Take a quick trip with me down Memory Lane to when you first started training. Remember how psyched you were to get to the gym, to feel the weight in your hands? Remember how you craved the comradery of the others in the gym. It might have been an obsession for you at the time because of how determined you were to reach your goals.
Do you still experience those same feelings today or are those days behind you? If you fall under the latter category there’s a secret you should know. It happens to all of us. At one point or another everyone has days that are tougher to get going than others. I could tell you to just suck it up and go, but that wouldn’t be very helpful if you don’t know how to get back on track.
Here’s five simple tips to help you regain that motivation:
Remember Why You Started:
What was the reason you started working out to begin with? Something got you in that weight room for the first time. You might have been concerned with how you looked or maybe you started lifting because you wanted to be better at your sport. Perhaps you focused on your fitness because of health issues. Look back to those days, remember that initial desire, and you’ll likely develop similar feelings which could help you re-ignite your engine.
Remember Who Inspires You
Chances are there is at least one person who you look to for inspiration every day. It could be your spouse, your parents, or other family members. Perhaps there’s someone notable who you look up to because they are successful in ways you want to be. On those challenging days think about these people and remind yourself of their positive qualities that appeal to you. This could help you develop the mindset you need to move forward.
Visualize the Success You Want
What does success mean to you? Think about what your life would be like if you achieved everything you have set out to do. If your plan is to lose weight, visualize yourself as a more ripped version of yourself. Imagine how good you’ll feel staring in the mirror admiring a physique that you worked hard to develop. If you’re preparing for a show or competition, create the event in your mind so that you’re taking in the adulation of the crowd and holding the trophy with one arm while the other is raised in victory. Those visualizations are important on days when the gym is the last place you want to be. Don’t just think about that success before your workout either. Remind yourself between sets, after the workout is over, and throughout the day.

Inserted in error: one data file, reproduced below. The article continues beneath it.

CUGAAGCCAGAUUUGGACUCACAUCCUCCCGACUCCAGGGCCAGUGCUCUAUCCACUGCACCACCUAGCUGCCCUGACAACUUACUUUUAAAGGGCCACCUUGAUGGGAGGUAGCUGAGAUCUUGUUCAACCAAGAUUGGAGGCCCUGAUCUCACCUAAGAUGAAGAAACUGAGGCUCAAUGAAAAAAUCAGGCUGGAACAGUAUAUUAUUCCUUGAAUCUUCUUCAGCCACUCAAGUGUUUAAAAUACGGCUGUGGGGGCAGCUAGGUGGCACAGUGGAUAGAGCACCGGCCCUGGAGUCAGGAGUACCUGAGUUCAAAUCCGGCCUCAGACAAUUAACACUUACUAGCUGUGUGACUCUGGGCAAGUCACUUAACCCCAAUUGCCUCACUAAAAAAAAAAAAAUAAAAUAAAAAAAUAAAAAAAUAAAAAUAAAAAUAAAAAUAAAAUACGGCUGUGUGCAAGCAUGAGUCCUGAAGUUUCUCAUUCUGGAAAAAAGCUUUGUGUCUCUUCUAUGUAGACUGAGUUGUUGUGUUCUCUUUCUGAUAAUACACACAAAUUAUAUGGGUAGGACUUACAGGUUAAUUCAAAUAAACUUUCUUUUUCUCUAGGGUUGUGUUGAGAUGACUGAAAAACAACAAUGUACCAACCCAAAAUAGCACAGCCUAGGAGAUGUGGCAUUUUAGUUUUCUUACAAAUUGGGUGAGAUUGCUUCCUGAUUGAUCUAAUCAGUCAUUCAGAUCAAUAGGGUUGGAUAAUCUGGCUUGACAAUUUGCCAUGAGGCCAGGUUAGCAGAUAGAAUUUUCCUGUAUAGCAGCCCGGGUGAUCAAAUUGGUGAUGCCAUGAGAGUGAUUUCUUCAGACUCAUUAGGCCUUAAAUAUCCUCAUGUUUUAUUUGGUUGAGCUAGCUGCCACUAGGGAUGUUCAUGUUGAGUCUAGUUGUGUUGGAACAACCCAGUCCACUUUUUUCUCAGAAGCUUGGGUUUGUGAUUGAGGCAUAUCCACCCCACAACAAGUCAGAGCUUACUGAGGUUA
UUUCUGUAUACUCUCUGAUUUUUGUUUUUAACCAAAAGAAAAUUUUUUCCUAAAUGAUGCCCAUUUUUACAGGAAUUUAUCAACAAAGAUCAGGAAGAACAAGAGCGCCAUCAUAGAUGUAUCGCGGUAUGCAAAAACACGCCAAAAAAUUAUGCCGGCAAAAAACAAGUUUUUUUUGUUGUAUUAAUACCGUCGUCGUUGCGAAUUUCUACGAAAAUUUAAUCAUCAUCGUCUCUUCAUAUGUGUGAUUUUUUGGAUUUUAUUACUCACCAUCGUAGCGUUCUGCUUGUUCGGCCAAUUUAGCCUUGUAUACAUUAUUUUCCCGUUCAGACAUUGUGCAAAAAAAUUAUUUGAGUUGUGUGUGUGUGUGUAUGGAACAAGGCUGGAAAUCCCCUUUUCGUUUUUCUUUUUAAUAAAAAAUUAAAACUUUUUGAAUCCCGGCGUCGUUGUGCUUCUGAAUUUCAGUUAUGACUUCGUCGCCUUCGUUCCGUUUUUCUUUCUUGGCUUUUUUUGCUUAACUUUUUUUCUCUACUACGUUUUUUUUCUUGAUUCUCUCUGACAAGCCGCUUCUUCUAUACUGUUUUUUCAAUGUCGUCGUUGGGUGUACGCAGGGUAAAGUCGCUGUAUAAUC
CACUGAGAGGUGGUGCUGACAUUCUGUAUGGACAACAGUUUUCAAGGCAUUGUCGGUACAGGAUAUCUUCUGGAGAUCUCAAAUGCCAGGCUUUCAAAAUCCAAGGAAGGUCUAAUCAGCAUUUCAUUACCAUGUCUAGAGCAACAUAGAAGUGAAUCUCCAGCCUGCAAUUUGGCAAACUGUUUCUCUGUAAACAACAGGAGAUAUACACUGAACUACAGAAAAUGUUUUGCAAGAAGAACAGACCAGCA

Mental images and the power of the mind are great assets to help with motivation, but visuals are helpful too. Back when I first started working out I had a couple of videos I watched to get psyched to train. Watching champion bodybuilders moving massive weight was the perfect fix for me to prepare. Nowadays we have YouTube. All you have to do is click the search box and type in the name of anyone who you follow. Chances are something is going to come up for you to enjoy. Whether you want to see someone squat 800 pounds or check out an inspirational story, it’s likely on YouTube. Most videos are short, so you can watch them on your phone or tablet while you’re warming up or before you leave your house.
Have a Go-To Playlist
Music is another great resource for motivation. The only thing you need to know about music is that if it motivates you then you should listen to it! What motivates one person might be different than what appeals to someone else. Take your favorite songs, create a list for your phone or MP3 player, and keep it on standby so you can access it anytime you need that extra boost of audio energy,
Although you might be passionate about reaching your goals, there will be days (for everyone) where you want to just stay home. I hope some of these suggestions can help you get that fire burning on those days when there’s barely a spark.
Also See: Don’t Train Like a Sissy By John Hansen
Roger’s work has been featured globally in eight different languages. Respected not only for his vast knowledge in areas of fitness and strength training, but also for his inspiring work as a child advocate and childhood domestic violence awareness speaker. Formerly a Bodybuilding.com “Writer of the Year”, Roger also works with major brands from around the fitness industry.